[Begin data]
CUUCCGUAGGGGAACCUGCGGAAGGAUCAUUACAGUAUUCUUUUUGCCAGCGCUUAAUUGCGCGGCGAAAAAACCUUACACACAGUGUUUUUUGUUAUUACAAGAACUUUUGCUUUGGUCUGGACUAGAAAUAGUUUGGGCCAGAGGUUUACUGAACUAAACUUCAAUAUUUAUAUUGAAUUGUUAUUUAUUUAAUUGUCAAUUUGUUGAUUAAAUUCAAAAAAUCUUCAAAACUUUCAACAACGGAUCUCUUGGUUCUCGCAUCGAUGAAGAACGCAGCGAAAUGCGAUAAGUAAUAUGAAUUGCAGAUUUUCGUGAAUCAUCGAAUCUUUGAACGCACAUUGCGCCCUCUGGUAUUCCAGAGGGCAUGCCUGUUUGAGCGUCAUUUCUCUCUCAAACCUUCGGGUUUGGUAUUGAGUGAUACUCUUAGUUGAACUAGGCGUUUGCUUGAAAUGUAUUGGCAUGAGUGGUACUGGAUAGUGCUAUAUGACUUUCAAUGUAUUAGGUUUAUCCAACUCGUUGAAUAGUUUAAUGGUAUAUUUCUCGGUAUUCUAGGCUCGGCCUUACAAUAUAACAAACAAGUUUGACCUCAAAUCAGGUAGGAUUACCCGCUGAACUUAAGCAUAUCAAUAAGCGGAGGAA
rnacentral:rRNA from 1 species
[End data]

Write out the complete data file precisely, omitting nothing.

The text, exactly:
CUUCCGUAGGGGAACCUGCGGAAGGAUCAUUACAGUAUUCUUUUUGCCAGCGCUUAAUUGCGCGGCGAAAAAACCUUACACACAGUGUUUUUUGUUAUUACAAGAACUUUUGCUUUGGUCUGGACUAGAAAUAGUUUGGGCCAGAGGUUUACUGAACUAAACUUCAAUAUUUAUAUUGAAUUGUUAUUUAUUUAAUUGUCAAUUUGUUGAUUAAAUUCAAAAAAUCUUCAAAACUUUCAACAACGGAUCUCUUGGUUCUCGCAUCGAUGAAGAACGCAGCGAAAUGCGAUAAGUAAUAUGAAUUGCAGAUUUUCGUGAAUCAUCGAAUCUUUGAACGCACAUUGCGCCCUCUGGUAUUCCAGAGGGCAUGCCUGUUUGAGCGUCAUUUCUCUCUCAAACCUUCGGGUUUGGUAUUGAGUGAUACUCUUAGUUGAACUAGGCGUUUGCUUGAAAUGUAUUGGCAUGAGUGGUACUGGAUAGUGCUAUAUGACUUUCAAUGUAUUAGGUUUAUCCAACUCGUUGAAUAGUUUAAUGGUAUAUUUCUCGGUAUUCUAGGCUCGGCCUUACAAUAUAACAAACAAGUUUGACCUCAAAUCAGGUAGGAUUACCCGCUGAACUUAAGCAUAUCAAUAAGCGGAGGAA
rnacentral:rRNA from 1 species